Our chefs at Imagine Childcare, have been working with Mandy from Little People Nutrition over the past three months. As chefs and educators of children, we are excited to have this wonderful opportunity as we continue to upskill ourselves and ensure that we are providing the most positive eating environment for our children.
Mandy is a qualified nutritionist and food scientist. She has worked with food for over 20 years in various different realms from manufacturing, nutrition consultation, menu development, quality assurance and control, and food education. Mandy’s passion and appreciation for the food environment shines through in each of her sessions, and we are very fortunate to have partnered with her here at Imagine Childcare.
We had a chat to Mandy to find out more about Little People Nutrition and the importance of excellent nutrition for our little one’s health and wellbeing.
Hi Mandy. Firstly, can you please tell our readers a little bit about your background and Little People Nutrition.
I am a nutritionist and food scientist and have worked with food for over 20 years. I started my career in food manufacturing, processing and product development. When I had my first child, I began to move my work more into nutrition with consulting, menu development, community health and working with children and families.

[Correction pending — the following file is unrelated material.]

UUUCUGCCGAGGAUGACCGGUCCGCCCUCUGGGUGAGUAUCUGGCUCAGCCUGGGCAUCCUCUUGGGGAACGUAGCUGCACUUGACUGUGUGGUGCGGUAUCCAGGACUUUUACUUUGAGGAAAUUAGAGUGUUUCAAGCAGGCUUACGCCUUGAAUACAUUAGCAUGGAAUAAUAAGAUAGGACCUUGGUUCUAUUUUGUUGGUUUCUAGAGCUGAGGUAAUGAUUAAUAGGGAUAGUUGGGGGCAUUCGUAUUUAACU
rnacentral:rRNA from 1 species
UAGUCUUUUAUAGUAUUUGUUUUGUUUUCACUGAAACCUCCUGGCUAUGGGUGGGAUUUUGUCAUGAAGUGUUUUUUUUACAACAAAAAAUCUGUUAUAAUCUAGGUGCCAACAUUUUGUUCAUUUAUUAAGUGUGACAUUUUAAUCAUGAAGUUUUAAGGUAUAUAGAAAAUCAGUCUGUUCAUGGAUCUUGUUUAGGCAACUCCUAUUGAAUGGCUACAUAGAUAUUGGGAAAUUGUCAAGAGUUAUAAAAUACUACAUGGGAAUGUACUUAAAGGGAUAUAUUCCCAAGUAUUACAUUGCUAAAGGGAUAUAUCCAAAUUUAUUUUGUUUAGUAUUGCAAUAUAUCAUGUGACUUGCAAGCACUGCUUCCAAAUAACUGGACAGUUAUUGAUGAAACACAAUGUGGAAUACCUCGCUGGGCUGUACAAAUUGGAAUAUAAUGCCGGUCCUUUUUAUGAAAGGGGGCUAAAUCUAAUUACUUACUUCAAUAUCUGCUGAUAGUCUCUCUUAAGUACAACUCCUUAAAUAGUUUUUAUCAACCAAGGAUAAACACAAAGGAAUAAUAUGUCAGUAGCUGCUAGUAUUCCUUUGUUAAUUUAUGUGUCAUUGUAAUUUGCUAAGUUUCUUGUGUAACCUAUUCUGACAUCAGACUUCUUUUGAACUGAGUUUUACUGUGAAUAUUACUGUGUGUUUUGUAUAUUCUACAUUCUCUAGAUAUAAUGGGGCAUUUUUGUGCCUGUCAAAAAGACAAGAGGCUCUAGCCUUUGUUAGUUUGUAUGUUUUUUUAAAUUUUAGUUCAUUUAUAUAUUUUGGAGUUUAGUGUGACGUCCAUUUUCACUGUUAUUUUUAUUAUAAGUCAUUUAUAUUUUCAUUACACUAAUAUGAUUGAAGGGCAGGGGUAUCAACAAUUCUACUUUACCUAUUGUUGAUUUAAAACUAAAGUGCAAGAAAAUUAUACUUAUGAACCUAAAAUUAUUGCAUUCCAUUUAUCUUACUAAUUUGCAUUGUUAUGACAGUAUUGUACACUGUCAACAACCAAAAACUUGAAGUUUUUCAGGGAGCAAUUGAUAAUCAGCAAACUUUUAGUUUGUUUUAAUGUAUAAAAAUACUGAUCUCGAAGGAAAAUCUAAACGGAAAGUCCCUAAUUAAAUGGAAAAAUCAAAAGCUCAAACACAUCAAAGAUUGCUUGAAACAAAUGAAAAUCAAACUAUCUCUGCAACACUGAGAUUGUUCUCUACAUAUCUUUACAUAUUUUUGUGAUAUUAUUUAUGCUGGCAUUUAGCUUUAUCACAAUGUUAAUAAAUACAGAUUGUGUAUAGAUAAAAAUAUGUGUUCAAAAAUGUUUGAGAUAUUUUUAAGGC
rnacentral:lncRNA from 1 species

For the last 10 years I have worked with children, families and educators, nurturing their love and understanding of food and nutrition.
With Little People Nutrition we currently support educators, parents and children in their exploration of food. We do this through incursions into preschools, ELCs and primary schools, using STEAM based concepts; workshops with educators and parents; playgroups with parents and children; as well as bespoke activations on various sites.
We also facilitate education and professional development with educators and parents with menu support and nutrition education.
Through all of this, we create original food education resources to support different age groups of children using story, science, cooking, music and the creative arts to access a broad range of learning areas in the 0-12 years age group.
I have a BSc Food Science and Nutrition, a Grad Dip in Human Nutrition and a Grad Cert in Education.
Can you please tell us about the importance of good nutrition for our children and how we can nurture their relationship and learning around good food choices?
Some of the key points are:
- A diet high in ultra-processed foods increases the risk of developing non-communicable diseases such as type 2 diabetes, cancer, hypertension and cardiovascular disease.